- Actors are increasingly relying on the use of malicious image files because they are easy to work with.
- These files can be auto-mounted by Windows, run scripts, and plant powerful RAT tools on newly allocated memory.
- Users are advised to refrain from downloading torrent cracks or opening email attachments that come out of nowhere.
Researchers at CrowdStrike have noticed and recorded the rise of a special type of a phishing campaign that has been active throughout 2019 and entered 2020 with impetus. Cybercriminals have figured that utilizing disk image files like “.ISO” and “.IMG” is a very effective method of dropping RATs (remote access Trojans) and malware in general. This is because Windows is offering to load these files and mount them as virtual disks automatically, so the compromising process gets simpler and more “user-friendly,” if you like.
It all starts with social engineering as usual, so the victim receives an email that supposedly concerns the delivery of a post item to them. The attachment that comes with the phishing mail is a small disk image file, typically around 2MB. Watchful users would normally query why such a small file needs to be bundled as a disk image, as these files are usually in the range of several hundreds of MBs and even a few GBs. The suspicion should grow even more when mounting the image that follows the double-clicking of the file unveils an “e-Voucher” that ends with the “.exe” filename extension, although the icon is a “PDF” type.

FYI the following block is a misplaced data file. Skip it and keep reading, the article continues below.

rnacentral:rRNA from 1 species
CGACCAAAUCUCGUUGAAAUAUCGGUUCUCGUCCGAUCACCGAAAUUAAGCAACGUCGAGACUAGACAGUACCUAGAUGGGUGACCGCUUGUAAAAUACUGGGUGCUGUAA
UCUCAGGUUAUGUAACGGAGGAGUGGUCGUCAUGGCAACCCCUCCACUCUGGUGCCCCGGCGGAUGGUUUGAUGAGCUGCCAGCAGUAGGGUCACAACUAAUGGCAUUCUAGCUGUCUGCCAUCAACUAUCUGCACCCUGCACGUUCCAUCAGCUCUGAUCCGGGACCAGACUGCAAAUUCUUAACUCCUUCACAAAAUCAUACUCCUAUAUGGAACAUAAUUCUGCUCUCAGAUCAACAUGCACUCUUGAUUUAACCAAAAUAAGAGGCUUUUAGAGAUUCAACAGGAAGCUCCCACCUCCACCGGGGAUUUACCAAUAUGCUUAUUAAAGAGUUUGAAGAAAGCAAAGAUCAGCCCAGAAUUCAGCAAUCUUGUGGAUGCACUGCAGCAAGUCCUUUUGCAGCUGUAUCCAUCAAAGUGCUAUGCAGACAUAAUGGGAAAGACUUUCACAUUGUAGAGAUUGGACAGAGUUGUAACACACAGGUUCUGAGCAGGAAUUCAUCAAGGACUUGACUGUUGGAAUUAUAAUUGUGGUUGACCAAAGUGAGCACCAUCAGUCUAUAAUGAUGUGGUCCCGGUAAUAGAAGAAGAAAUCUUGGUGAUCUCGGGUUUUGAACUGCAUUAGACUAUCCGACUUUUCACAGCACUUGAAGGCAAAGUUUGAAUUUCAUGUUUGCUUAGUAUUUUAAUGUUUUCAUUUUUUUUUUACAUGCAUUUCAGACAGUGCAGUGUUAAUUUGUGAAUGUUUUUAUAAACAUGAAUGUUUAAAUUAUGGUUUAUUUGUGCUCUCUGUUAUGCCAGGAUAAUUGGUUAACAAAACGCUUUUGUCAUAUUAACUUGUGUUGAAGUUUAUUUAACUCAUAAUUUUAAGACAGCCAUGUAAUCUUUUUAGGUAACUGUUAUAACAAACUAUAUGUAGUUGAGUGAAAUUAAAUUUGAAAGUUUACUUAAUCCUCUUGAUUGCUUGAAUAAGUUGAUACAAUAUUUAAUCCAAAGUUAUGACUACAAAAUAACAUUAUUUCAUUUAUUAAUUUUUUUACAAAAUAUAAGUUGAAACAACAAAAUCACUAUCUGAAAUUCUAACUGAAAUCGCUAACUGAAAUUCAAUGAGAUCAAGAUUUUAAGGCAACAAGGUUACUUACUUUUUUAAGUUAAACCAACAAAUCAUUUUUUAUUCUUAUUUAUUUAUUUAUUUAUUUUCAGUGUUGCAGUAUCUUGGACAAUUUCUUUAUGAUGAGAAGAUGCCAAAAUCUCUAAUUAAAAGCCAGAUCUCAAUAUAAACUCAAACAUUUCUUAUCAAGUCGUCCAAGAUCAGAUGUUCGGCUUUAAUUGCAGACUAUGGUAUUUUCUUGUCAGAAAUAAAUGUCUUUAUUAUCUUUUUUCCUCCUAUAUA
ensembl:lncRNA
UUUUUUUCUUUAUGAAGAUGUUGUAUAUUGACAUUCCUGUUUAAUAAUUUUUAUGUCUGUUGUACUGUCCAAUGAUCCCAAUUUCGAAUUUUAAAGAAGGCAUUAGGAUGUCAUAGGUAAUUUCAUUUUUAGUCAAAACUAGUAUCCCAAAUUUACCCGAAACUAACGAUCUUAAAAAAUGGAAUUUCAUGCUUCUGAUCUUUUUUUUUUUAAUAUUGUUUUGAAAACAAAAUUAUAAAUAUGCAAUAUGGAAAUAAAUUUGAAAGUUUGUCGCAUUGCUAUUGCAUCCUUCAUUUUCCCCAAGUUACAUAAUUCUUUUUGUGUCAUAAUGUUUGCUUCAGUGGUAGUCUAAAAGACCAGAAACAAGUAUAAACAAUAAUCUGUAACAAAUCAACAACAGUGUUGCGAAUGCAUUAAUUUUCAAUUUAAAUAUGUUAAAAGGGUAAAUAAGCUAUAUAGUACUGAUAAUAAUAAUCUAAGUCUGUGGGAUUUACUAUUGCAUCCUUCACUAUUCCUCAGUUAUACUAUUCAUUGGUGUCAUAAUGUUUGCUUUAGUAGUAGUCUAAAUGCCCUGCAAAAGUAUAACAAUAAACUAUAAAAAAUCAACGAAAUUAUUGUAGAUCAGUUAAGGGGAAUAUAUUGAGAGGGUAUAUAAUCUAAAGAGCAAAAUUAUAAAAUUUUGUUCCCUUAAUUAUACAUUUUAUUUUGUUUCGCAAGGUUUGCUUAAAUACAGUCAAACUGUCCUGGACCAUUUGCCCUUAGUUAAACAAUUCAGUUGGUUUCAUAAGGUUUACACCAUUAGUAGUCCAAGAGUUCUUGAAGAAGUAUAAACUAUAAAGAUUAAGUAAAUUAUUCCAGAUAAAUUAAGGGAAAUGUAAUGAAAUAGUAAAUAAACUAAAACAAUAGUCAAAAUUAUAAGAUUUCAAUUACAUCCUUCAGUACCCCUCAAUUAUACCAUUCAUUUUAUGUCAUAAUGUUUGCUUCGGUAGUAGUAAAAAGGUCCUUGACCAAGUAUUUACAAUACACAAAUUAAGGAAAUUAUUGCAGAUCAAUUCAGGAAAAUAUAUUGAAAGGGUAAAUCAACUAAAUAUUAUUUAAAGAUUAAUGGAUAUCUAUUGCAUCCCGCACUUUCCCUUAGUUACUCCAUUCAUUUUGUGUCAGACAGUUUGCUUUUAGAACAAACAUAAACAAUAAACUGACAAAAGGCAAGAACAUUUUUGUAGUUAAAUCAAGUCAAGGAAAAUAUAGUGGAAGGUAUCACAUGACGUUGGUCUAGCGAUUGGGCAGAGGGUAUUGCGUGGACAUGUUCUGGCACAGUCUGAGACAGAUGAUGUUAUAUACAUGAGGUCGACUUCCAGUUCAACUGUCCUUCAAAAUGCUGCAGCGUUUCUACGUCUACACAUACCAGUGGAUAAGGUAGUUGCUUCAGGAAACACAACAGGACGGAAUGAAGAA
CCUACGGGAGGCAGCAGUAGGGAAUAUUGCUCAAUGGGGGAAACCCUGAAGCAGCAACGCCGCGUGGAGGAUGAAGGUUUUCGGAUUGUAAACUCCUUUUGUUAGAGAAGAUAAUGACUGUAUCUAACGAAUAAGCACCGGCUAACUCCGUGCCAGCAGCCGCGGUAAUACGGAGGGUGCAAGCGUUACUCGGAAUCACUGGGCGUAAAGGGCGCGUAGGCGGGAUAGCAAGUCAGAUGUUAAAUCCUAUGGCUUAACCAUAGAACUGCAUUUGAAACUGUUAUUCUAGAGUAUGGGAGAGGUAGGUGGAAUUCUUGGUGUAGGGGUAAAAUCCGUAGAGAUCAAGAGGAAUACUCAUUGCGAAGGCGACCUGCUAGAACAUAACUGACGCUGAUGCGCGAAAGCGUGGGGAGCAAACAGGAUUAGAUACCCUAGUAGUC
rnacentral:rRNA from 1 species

If the voucher file is opened, a set of malicious scripts that automate Windows GUI tasks are run, eventually loading the NanoCore RAT, or the Warzone RAT, or AgentTesla, or AZORult. The CrowdStrike team has noticed an AutoIT script that is obfuscated, and which uses three individual resources after decrypting them with “CryptDeriveKey.” Next, the script is allocating enough memory space for the dropping of the decrypted payload, and then writes it in the region through “WriteProcessMemory.” The malware is eventually dropped to “C:\Users\username\PasswordOnWakeSettingFlyout\DataExchangeHost.exe,” while its persistence is created by planting a URL shortcut in the Windows StartUp folder.
If you have stepped on this trap, unmount the malicious virtual drive from your system immediately, run a registry cleaner tool, and remove the payload from the directory mentioned above. Also, go to Windows Settings, choose Apps, and then search for the StartUp list. There, locate the malicious URL entry and disable it. In about 70% of the cases, these image files reach you through phishing emails, but in 30% of the time, they are hiding inside cracks downloaded from torrent websites. Also, there can be different phishing messages and themes, so treat everything with care.